2. Another Persian, the son of Sisamnēs (Herodotus, 5.25.1); he was married to one of Darius’s daughters (Herodotus, 5.116), first held the office of a judge (already under Cambyses II), and after Darius I’s expedition against the Scythians was appointed the supreme commander of the forces of the people of the Aegean coast in succession to Megabazus (Herodotus, 5.25.1). During the Ionian Revolt (500-494 B.C.; q.v.) he subjugated Byzantium, Calchedon, and other towns, later also Clazomenae and the Aeolian Cyme.

3. Yet another Persian, the father of Xerxes’otherwise unknown charioteer Patiramphēs (Herodotus, 7.40.4).

4. A Persian nobleman somehow related to no. 1, above (cf. esp. Brosius, pp. 53 f.), who commanded the forces of the Persis in Xerxes’army marching against Greece in 480 BCE (Herodotus, 7.61.2); he was the father of Xerxes’wife Amēstris (ibid.) as well as of Anaphēs, the commander of the Cissians (qq.v.), and Smerdomenēs, one of the six commanders over all the infantry (Herodotus, 7.62.2 and 7.82, respectively). It remains unclear, however, whether or not the same man is meant by all three of these references, the more so, as the last-mentioned one (saying that he was Darius’s brother, thus a son of Hystaspes/Vištāspa) is liable to be misunderstood. It cannot be excluded that Herodotus misunderstood his source or mistook something he heard. It would be much more plausible that Amestris’father was in fact Darius’fellow-conspirator (above no. 1), because that bond of marriage between both families would be an excellent confirmation of the former alliance (cf. Schmitt, 2006, pp. 175 f.).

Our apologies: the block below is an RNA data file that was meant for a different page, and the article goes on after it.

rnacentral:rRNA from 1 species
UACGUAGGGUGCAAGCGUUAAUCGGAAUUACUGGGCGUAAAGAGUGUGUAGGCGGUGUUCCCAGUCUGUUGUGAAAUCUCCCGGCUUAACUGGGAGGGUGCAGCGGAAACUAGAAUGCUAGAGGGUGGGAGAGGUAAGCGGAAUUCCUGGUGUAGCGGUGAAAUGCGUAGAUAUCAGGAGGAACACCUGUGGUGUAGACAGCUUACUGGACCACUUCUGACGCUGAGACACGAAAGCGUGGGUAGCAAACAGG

The reference to one further Otanes (given, e.g., in Justi, p. 139) attested in Arrianus (Anabasis 3.8.5) as one of the leaders of the forces supplied by the people living at the Persian Gulf coast in the battle at Gaugamela has to be canceled; the correct reading of the name is Orxínēsor (better) Orzínēs.

 

Bibliography.P. Briant, Histoire de l’empire perse. De Cyrus àAlexandre, Paris, 1996, pp. 145-47.

M. Brosius, Women in Ancient Persia 559-331 BC, Oxford, 1996, pp. 53-55.

C. Herrenschmidt, “Notes sur la parentéchez les Perses au debut de l’empire achéménide,”in H. Sancisi-Weerdenburg and A. Kuhrt, eds., Achaemenid History II: The Greek Sources, Leiden, 1987, pp. 53-67.

F. Justi, Iranisches Namenbuch, Marburg, 1895.

[Th.] Lenschau, “Otanes. 1)-5),”in Pauly-Wissowa, RE 18/1, 2, Stuttgart, 1942, cols. 1866-69.

R. Schmitt, Iranische Anthroponyme in den erhaltenen Resten von Ktesias’Werk (Iranica Graeca Vetustiora III), Wien, 2006.

Id., Iranisches Personennamenbuch. Band V/5A: Iranische Personennamen in der griechischen Literatur vor Alexander d.Gr., Wien, 2011.

Id., review of  “The World of Achaemenid Persia,”OLZ (in press).

A. Soudavar, “The Formation of Achaemenid Imperial Ideology and Its Impact on the Avesta,”in J. Curtis and St J. Simpson, eds., The World of Achaemenid Persia. History, Art and Society in Iran and the Ancient Near East, London, 2010, pp. 111-38.

M. Waters, “Cyrus and the Achaemenids,”Iran 42, 2004, pp. 91-102.

(Rüdiger Schmitt)

Last Updated: January 25, 2012